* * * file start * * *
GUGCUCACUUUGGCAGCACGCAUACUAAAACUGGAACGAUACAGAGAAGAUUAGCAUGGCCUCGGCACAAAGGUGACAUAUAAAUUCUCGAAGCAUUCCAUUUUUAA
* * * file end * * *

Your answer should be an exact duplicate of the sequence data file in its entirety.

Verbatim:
GUGCUCACUUUGGCAGCACGCAUACUAAAACUGGAACGAUACAGAGAAGAUUAGCAUGGCCUCGGCACAAAGGUGACAUAUAAAUUCUCGAAGCAUUCCAUUUUUAA